Past Reviews

Regional Reviews: Phoenix

Blithe Spirit
Don Bluth Front Row Theatre
Review by Gil Benbrook | Season Schedule

Also see Gil's reviews of Mamma Mia!, The Play That Goes Wrong, Max Raabe and the Palast Orchester, and Death of a Salesman

Tom Koelbel and Joy Bingham Strimple
Photo Courtesy of Don Bluth Front Row Theatre
Noël Coward was a master of witty dialogue and amusing situations; his 1941 comedy Blithe Spirit features an abundance of dry, biting humor and charming, comical characters. This old-fashioned ghost story is receiving a fun and funny production at Don Bluth Front Row Theatre with a talented cast, fine direction, and charming creative elements.

Set in the 1940s, the plot follows Charles Condomine (Tom Koelbel), an author who invites local medium Madame Arcati (Joy Bingham Strimple) to his home in the English countryside to hold a séance, hoping it will give him some "jargon and tricks of the trade" for his next novel, which deals with the occult. Condomine is convinced Arcati is a fake, but little does he know how wrong he is and how that evening will drive his current wife Ruth to hysterics when Arcati's presence makes Condomine's first wife Elvira, who died seven years before, materialize from the afterlife, though she is only visible to Charles. When Elvira refuses to leave, because she doesn't know how to, hilarity ensues.

While the play is talky and the single setting of the Condomine living room doesn't provide much variety in the scenes, there is much to love in Coward's witty wordplay (when Arcati tells Condomine during the séance that someone is trying to reach him from the beyond, he tells her "tell them to leave a message.") There is also a lot of humor in the well-constructed setup, including Elvira only being visible to Charles, which makes Ruth suspicious that he's going mad since it seems he's constantly talking to himself. Once Ruth realizes the validity of Elvira's presence, Coward ups the ante of comical shenanigans by pitting the two wives against each other in a battle over their husband.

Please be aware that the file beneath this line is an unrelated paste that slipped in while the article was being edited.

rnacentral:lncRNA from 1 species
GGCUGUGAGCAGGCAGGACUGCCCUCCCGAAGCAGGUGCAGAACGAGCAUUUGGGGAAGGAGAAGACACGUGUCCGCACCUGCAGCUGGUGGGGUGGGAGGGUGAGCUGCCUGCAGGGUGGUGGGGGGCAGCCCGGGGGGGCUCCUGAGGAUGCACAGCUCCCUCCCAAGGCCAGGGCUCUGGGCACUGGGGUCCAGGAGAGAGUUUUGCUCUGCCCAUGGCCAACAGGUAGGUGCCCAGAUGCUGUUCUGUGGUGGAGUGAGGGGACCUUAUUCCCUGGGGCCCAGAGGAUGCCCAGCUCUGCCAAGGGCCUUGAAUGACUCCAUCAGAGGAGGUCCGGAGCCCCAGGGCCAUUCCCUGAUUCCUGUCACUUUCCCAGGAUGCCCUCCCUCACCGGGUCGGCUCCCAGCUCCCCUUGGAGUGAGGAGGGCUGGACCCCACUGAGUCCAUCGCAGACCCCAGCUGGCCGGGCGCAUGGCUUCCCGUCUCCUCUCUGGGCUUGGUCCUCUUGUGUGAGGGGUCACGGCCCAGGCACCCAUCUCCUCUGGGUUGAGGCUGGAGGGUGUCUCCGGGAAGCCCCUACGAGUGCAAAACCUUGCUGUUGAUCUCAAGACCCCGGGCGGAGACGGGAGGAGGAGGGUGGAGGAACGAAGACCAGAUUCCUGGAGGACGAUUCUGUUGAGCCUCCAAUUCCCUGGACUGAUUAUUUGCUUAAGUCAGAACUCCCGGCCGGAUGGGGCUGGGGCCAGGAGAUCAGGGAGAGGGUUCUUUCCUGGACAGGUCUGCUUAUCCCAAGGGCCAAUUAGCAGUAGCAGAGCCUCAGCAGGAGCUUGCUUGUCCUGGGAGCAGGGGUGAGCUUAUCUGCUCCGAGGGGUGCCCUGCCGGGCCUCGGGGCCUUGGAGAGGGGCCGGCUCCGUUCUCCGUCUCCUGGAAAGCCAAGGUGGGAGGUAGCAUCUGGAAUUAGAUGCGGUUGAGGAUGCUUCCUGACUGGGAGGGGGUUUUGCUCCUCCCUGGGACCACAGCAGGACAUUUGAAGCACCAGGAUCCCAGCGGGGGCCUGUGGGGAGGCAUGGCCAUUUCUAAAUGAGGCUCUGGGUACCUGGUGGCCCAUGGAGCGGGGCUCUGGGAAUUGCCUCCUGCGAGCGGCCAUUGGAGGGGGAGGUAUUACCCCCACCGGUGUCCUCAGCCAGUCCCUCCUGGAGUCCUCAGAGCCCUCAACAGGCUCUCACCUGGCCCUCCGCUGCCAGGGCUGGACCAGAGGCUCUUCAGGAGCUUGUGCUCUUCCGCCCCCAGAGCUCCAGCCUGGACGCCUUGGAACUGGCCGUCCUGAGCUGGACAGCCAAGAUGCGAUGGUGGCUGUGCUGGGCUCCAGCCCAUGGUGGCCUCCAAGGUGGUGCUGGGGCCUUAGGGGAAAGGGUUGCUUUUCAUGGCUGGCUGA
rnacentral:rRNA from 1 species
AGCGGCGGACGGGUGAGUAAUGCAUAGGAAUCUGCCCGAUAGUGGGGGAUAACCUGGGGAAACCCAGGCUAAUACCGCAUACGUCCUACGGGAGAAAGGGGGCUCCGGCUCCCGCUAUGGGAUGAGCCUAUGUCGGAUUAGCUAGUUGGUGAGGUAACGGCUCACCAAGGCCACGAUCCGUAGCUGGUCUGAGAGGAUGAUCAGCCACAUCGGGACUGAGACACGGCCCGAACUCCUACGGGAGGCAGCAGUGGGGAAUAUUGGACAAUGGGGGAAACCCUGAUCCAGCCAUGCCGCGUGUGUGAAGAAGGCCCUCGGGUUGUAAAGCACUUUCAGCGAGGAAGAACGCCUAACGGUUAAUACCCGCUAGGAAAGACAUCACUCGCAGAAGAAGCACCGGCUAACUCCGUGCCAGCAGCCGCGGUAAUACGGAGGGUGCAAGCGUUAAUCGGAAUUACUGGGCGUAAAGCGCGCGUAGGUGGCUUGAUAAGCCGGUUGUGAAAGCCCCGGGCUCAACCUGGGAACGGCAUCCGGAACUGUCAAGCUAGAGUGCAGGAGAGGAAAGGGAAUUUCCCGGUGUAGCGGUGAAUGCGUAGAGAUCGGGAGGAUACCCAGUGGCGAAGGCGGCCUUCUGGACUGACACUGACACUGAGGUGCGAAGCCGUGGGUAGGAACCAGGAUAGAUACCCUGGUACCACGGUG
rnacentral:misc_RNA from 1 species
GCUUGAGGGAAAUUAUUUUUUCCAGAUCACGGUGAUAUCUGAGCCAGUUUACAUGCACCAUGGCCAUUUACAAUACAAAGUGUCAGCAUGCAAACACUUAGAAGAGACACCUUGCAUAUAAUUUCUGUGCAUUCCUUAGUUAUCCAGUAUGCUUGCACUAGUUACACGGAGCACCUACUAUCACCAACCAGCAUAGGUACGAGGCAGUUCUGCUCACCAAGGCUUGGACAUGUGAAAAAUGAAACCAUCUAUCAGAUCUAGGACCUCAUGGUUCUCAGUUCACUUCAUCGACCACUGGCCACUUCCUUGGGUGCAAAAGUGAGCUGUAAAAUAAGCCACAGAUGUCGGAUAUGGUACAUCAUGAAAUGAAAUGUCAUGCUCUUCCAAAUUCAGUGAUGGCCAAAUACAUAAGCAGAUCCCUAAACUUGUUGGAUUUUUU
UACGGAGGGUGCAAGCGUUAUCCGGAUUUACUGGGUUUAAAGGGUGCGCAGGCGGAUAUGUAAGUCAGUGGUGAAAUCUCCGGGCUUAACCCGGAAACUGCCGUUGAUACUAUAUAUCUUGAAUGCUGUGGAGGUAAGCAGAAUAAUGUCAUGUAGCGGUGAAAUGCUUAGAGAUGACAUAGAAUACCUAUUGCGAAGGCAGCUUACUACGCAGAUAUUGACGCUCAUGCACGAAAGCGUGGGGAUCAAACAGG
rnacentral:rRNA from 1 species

Director Janis Webb has the right touch to ensure her cast create characters that are realistic yet also infused with humor. She also does well in staging the action on the small Don Bluth stage to provide some sense of variety to the production. Webb gets help from the elegant yet simple set design by Don Bluth and Cheryl Schaar, period props provided by Terri Parker, and the lighting, which is appropriately eerie at times, designed by Bluth and Judy Starr. Also, Corinne Hawkins' costumes beautifully evoke the British upper class, especially the sleek, stylish gowns for the women and the colorful mismatched getups for Arcati, which are comically rich.

The cast is more than up to the challenge of the play, breathing life into their roles while also effortlessly navigating their way through the witty but wordy script. Tom Koelbel does quite well as Charles, who at first is confused and flustered when Elvira appears but then is amused at the situation. Both he and Cheryl Schaar as Ruth perfectly project the stylish, upper-class characters and they deliver Coward's dry verbal humor with ease. In a typical "show must go on" story, Schaar assumed the role of Ruth a week before opening, after the original actress had to drop out, yet you'd hardly know it from her excellent performance of the steely, matter-of-fact wife who finds herself agitated when faced with her husband's dead ex-wife.

With a spectral glow and shimmering, ghostly skin, Rachel Weiss is striking and a whole lot of fun as the comical but devilish Elvira. As the eccentric Madame Arcati, Joy Bingham Strimple is a hoot. Her hilarious body language and zany gestures bring non-stop hilarity to the outlandish spiritual medium, generating a lot of laughs. Strimple is a scene-stealer in the part, and that's a compliment. She also brings plenty of sincerity, which adds a nice sense of realism to this wacky woman. In smaller parts, Jack White and Priscilla Bertling are winning as the Bradmans, friends of Charles and Ruth who are overly excited to be invited to the séance, and Stephanie Cartwright is bright and fun as Edith, the clumsy new maid who has to be constantly told to stop rushing and racing around the house.

Noël Coward wrote Blithe Spirit during World War II, and the combination of bright comedy and humorous situations in the piece were his effort to try to bring a lighter view to the heavier issues in the world at that time. Don Bluth Front Row Theatre's production proves to be a well-paced, well-cast take on this classic, supernatural, romantic comedy which makes for a nice alternative to the heavy issues we all face in the world today.

Blithe Spirit, through May 4, 2019, at the Don Bluth Front Row Theatre, 8670 E. Shea Boulevard, Suite 103, Scottsdale AZ. For more information on this production or to order tickets, go to or call 480-314-0841.

Directed by Janis Webb
Scenic Design: Don Bluth and Cheryl Schaar
Lighting Designer: Don Bluth and Judy Starr
Sound Designer: Cheryl Schaar and Roger McKay
Costumes: Corinne Hawkins Properties: Terri Parker

Charles: Tom Koelbel
Ruth: Cheryl Schaar
Elvira: Rachel Weiss
Dr. Bradman: Jack White
Mrs. Bradman: Priscilla Bertling
Madame Arcati: Joy Bingham Strimple
Edith: Stephanie Cartwright

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